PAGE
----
Citing "new and unusually specific information" that merited a 10 on a 1-to-10 scale of reliability, Homeland Security Secretary Tom Ridge has issued a warning that al-Qaida has plans to attack several major financial targets in New York City and Washington, D.C., and raised the terror alert level in those areas to Code Orange. While ominous, such warnings are not new, and workers in targeted institutions were said to be "defiant" in the face of the heightened alert. After all, since the afternoon of Sept. 11, 2001, pundits and policymakers have warned that additional spectacular terrorist attacks on the United States were inevitable.
I have long been part of this pack of doomsayers. My reasoning was simple. Well before Sept. 11, al-Qaida had brutally demonstrated both its desire to kill Americans and its ability to do so. If anything, the carnage of Sept. 11 bolstered the organization's desire to kill large numbers of Americans. Al-Qaida had captured the world's attention, brought the war home to America, and inflicted considerable economic damage to boot. If this was not incentive enough, the ousting of al-Qaida's patron the Taliban, the arrest or death of many senior leaders at the hands of U.S. forces, and the worldwide hounding of al-Qaida operatives should have redoubled its determination to strike back. Indeed, a bloody al-Qaida response would have met with considerable applause in much of the Muslim world angered by the U.S. war against and occupation of Iraq.
For these reasons, I still believe an attack is likely in the years, perhaps even months, to come. And if the flight attendants and passengers aboard American Airlines Flight 63 had been a little less alert (or if Richard Reid, the "shoe bomber," had been a little less stupid), more Americans would be dead. But almost three years without an al-Qaida attack in the United States must be taken as a sign of progress, even if it is only a hiatus between Sept. 11 and another major strike. What explains this unexpected success?
The easy answer, and the wrong one, is that U.S. officials exaggerated the al-Qaida threat. By this reckoning, the Sept. 11 attacks were the devastating last gasp of a now-battered movement. Such an argument, however, ignores the fact that al-Qaida and organizations affiliated with it have become more active internationally since Sept. 11. Although the United States has, fortunately, been spared, the group or organizations linked to it have attacked in Tunisia, Yemen, Pakistan, Saudi Arabia, Morocco, Kenya, Jordan, Russia, Indonesia, Turkey, and Spain, among others lands—to say nothing of Iraq.
Another specious argument is that the terrorists have migrated to Iraq and decided to confront America there rather than on U.S. soil. Iraq, of course, is a magnet for jihadistsopposed to the United States, some of whom are linked to al-Qaida. Yet despite their zeal for killing Americans (and cooperative Iraqis) in Iraq, this has not stopped them from carrying out lethal attacks in Russia and Western Europe, among other places.
A more convincing explanation is that U.S. defenses are now better and popular vigilance is higher, making it more difficult for attackers to get through. The post-Sept. 11 FBI crackdown on potential terrorists and the increased scrutiny, however fumbling, of the various components of the Department of Homeland Security make it harder for radicals to strike. Most encouragingly, various FBI arrests do not suggest a massive logistics and recruiting infrastructure on U.S. soil.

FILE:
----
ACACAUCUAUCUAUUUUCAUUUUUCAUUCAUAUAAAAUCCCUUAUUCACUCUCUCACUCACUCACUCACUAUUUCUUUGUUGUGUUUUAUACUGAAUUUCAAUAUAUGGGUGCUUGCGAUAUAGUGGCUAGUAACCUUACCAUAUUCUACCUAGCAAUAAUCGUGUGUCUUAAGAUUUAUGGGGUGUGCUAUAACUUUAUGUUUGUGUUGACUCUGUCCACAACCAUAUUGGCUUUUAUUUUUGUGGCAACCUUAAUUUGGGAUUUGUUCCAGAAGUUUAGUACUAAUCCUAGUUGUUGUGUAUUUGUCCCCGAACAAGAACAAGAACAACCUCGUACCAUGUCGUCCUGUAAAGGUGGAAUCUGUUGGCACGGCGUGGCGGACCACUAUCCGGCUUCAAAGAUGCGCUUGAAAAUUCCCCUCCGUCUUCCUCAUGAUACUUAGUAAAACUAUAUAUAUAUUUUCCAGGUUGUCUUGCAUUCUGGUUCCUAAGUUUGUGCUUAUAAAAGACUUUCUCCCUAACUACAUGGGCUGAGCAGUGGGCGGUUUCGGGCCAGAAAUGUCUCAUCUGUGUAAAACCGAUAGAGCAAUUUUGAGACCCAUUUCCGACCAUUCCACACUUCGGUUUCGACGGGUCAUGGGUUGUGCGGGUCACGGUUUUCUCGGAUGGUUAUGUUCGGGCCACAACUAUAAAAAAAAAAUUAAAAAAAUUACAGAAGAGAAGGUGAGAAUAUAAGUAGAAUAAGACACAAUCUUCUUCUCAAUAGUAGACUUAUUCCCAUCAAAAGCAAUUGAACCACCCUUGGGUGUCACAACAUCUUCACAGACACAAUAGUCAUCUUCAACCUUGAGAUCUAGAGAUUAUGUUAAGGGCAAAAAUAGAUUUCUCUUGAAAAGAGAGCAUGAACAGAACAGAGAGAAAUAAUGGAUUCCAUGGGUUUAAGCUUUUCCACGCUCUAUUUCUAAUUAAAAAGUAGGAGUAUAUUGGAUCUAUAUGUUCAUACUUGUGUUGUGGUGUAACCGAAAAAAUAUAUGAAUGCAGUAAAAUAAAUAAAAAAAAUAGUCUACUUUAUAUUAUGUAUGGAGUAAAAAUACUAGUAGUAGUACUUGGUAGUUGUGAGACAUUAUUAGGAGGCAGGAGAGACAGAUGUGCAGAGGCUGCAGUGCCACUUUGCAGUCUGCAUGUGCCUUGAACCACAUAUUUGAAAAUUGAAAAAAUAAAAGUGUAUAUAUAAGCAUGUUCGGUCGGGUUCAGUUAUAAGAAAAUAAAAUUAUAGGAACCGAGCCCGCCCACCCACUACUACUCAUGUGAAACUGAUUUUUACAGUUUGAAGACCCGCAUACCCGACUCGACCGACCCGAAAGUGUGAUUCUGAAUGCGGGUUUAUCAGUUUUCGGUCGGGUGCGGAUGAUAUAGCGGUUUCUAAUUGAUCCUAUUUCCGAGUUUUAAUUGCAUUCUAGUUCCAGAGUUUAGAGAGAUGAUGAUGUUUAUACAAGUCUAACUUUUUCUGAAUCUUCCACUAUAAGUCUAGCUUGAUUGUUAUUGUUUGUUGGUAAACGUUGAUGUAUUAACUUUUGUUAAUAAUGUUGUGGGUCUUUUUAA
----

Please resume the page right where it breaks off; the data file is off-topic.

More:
But this is only a partial explanation, as FBI officials freely admit. The greatest blow to al-Qaida has come from the removal of its haven in Afghanistan and the disruption of the permissive environment it enjoyed in numerous countries in Europe and Asia. The leaders of the organization are under intense pressure, with killings and arrests commonplace. As a result, attacks that require meticulous planning and widespread coordination are far more difficult to carry out.
Al-Qaida has changed in response to these pressures. As former CIA Director George Tenet testified earlier this year, "Successive blows to al-Qaida's central leadership have transformed the organization into a loose collection of regional networks that operate more autonomously." Before Sept. 11, al-Qaida worked closely with various local jihadistmovements, drawing on their personnel and logistics centers for its own efforts and working to knit the disparate movements together. Since 9/11, local group leaders have played a far more important role, taking the initiative in choosing targets and conducting operations, looking to al-Qaida more for inspiration than for direction.
This shift from a centralized structure to a more localized one has made the U.S. homeland safer. The United States, in contrast to many nations in Europe and Asia, does not have a strong, well-organized, radical Islamist presence on its shores. Although there are certainly jihadistsympathizers who might conduct attacks on their own or be used by foreign jihadistsas local facilitators, the vast sea of disaffected young Muslim men that is present in Europe and elsewhere has no U.S. parallel. Similarly, the logistics network of forgers, scouts, recruiters, money men, and others is far less developed.
Safer does not mean safe, and the risk of less sophisticated attacks remains particularly high. Attacks on U.S. allies where jihadistnetworks are better organized and more resilient are a grave concern, and Americans traveling abroad are particularly vulnerable. Nor is the homeland necessarily secure, as al-Qaida has adjusted to U.S. vigilance. FBI Director Robert Mueller has warned that the organization is seeking recruits who will easily blend in to the United States. Tenet also darkly noted that for groups sympathetic to al-Qaida's ideology, attacks on the U.S. homeland remain the "brass ring."
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